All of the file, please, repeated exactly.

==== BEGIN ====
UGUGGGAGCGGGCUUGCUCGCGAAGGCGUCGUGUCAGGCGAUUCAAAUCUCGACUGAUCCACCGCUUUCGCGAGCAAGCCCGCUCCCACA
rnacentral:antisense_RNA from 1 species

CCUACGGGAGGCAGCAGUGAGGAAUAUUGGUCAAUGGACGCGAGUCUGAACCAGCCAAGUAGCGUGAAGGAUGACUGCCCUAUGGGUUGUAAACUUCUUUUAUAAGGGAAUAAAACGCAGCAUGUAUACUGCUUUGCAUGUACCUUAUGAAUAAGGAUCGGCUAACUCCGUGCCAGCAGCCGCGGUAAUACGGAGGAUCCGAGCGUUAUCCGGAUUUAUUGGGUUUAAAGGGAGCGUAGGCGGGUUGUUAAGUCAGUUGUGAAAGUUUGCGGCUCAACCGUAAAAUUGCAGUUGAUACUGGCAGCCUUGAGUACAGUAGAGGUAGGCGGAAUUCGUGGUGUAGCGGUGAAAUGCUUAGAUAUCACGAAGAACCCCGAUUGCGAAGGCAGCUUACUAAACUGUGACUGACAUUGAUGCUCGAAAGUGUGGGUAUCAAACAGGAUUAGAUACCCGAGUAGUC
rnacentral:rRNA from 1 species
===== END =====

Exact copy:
UGUGGGAGCGGGCUUGCUCGCGAAGGCGUCGUGUCAGGCGAUUCAAAUCUCGACUGAUCCACCGCUUUCGCGAGCAAGCCCGCUCCCACA
rnacentral:antisense_RNA from 1 species

CCUACGGGAGGCAGCAGUGAGGAAUAUUGGUCAAUGGACGCGAGUCUGAACCAGCCAAGUAGCGUGAAGGAUGACUGCCCUAUGGGUUGUAAACUUCUUUUAUAAGGGAAUAAAACGCAGCAUGUAUACUGCUUUGCAUGUACCUUAUGAAUAAGGAUCGGCUAACUCCGUGCCAGCAGCCGCGGUAAUACGGAGGAUCCGAGCGUUAUCCGGAUUUAUUGGGUUUAAAGGGAGCGUAGGCGGGUUGUUAAGUCAGUUGUGAAAGUUUGCGGCUCAACCGUAAAAUUGCAGUUGAUACUGGCAGCCUUGAGUACAGUAGAGGUAGGCGGAAUUCGUGGUGUAGCGGUGAAAUGCUUAGAUAUCACGAAGAACCCCGAUUGCGAAGGCAGCUUACUAAACUGUGACUGACAUUGAUGCUCGAAAGUGUGGGUAUCAAACAGGAUUAGAUACCCGAGUAGUC
rnacentral:rRNA from 1 species